Scatters the proud, lifts up the humble
Brings down kings from their thrones
Filled the hungry, sent the rich away empty
Fulfills His promises.
But it was in her present and very near future she would experience His power personally.
Let’s recall what she is facing:
Teenager, will be with child, the Son of God, Savior of the world. This child will not come from her husband, but by “Holy Spirit”. People would think she’s trying to cover up something or crazy. She faces shame from family and community, needs to explain this to Joseph, faces possible divorce, let alone explain the whole angel encounter.
How does God reassure her by His message through his messenger, the angel Gabriel?
Do not be afraid
The Lord is with you!
Repeatedly telling her she is favored (recipient of God’s grace)
Fulfillment of promise to David: Her son will sit on the throne forever and his name . . . Jesus.
Nothing is impossible with God. Even Elizabeth giving birth at her old age. How important do you think it was that Elizabeth was experiencing a supernatural birth and reaffirming her?
And how does she respond?
How would you respond? Would you freak out? Money? Shame? How am I going to provide for baby? Abandoned? How would you respond? You might say, “Well, if an angel appeared to me, there wouldn’t be much doubt.” Zechariah, who asks for a sign (v. 18), Mary asks, already believing, how will this happen (v. 34). Zechariah’s question was one of doubt, hers was one of faith.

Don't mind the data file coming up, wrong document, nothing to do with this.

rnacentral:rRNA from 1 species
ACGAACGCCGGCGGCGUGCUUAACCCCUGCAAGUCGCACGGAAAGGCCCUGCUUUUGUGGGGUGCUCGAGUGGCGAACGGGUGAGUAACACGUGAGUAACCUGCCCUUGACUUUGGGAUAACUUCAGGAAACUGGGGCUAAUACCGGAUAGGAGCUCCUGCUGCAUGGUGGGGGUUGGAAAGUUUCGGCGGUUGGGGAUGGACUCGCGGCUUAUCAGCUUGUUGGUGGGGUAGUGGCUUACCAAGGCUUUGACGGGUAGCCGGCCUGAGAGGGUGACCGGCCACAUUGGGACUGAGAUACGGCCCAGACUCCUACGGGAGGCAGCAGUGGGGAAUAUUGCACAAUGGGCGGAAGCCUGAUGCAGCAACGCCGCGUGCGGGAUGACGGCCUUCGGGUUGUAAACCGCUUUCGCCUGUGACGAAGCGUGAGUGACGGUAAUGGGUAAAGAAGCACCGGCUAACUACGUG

How about this response?
“I am the Lord’s servant . . . May your word to me be fulfilled.” (v. 38)
And her faith is revealed through her cousins pronouncement in v. 45, “Blessed is she who has believed that the Lord would fulfill his promises to her!”
Joy comes with Mary’s trust in God and His power to do great things for her. He looked upon her in her humble state, and brought blessing. And that blessing would be the birth of Jesus into the world as it’s Savior. The cause for eternal joy.
Joy comes with trusting the Mighty One, and the plan of His promised Son, Jesus.

Joy comes with humility before the Sovereign One. (Luke 10:17-21) (the72)

It is in Luke 10:17-21 that we find the repeated thread of humility.

Brief Setup of Chapter 10: In the beginning of chapter 10 we find Jesus sending out 72 disciples to tell the towns and villages that the kingdom of God has come near, performing signs and miracles to confirm this message.

And now, full of joy, the 72 give their report about how they were even able to cast out demons. And this is where we start hearing this theme of humility:

The pride of Satan as fallen from heaven in Isaiah 14. Lack of humility.

The power/authority they have comes from Jesus, not their own. They could be in danger of taking pride in the power they possessed, even drunk with power.

Do not rejoice you have the power to cast out demons. Let that not be your cause for rejoicing. Don’t take pride in your accomplishments.

Casting out was a product of their faith in Jesus name.

[Read Luke 10:17-20, NIV]
The seventy-two returned with joy and said, “Lord, even the demons submit to us in your name.” He replied, “I saw Satan fall like lightning from heaven. I have given you authority to trample on snakes and scorpions and to overcome all the power of the enemy; nothing will harm you. However, do not rejoice that the spirits submit to you, but rejoice that your names are written in heaven.”

Jesus then gives his reason for rejoicing.